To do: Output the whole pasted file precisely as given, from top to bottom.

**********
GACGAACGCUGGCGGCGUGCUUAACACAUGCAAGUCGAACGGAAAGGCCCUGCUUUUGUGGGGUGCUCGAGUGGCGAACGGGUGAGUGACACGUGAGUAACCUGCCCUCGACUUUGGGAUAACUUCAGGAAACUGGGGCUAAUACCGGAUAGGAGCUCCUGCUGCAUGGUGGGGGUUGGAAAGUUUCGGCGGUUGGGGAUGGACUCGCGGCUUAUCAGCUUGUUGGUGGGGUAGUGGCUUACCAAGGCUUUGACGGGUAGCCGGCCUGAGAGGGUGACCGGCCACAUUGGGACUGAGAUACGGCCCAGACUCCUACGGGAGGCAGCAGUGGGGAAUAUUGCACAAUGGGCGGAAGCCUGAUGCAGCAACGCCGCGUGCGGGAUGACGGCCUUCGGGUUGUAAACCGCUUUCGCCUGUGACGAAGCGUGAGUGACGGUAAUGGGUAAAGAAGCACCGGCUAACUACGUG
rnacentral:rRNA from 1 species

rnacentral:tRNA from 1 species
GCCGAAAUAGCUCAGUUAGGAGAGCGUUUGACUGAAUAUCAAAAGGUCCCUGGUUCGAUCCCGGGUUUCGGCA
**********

GACGAACGCUGGCGGCGUGCUUAACACAUGCAAGUCGAACGGAAAGGCCCUGCUUUUGUGGGGUGCUCGAGUGGCGAACGGGUGAGUGACACGUGAGUAACCUGCCCUCGACUUUGGGAUAACUUCAGGAAACUGGGGCUAAUACCGGAUAGGAGCUCCUGCUGCAUGGUGGGGGUUGGAAAGUUUCGGCGGUUGGGGAUGGACUCGCGGCUUAUCAGCUUGUUGGUGGGGUAGUGGCUUACCAAGGCUUUGACGGGUAGCCGGCCUGAGAGGGUGACCGGCCACAUUGGGACUGAGAUACGGCCCAGACUCCUACGGGAGGCAGCAGUGGGGAAUAUUGCACAAUGGGCGGAAGCCUGAUGCAGCAACGCCGCGUGCGGGAUGACGGCCUUCGGGUUGUAAACCGCUUUCGCCUGUGACGAAGCGUGAGUGACGGUAAUGGGUAAAGAAGCACCGGCUAACUACGUG
rnacentral:rRNA from 1 species

rnacentral:tRNA from 1 species
GCCGAAAUAGCUCAGUUAGGAGAGCGUUUGACUGAAUAUCAAAAGGUCCCUGGUUCGAUCCCGGGUUUCGGCA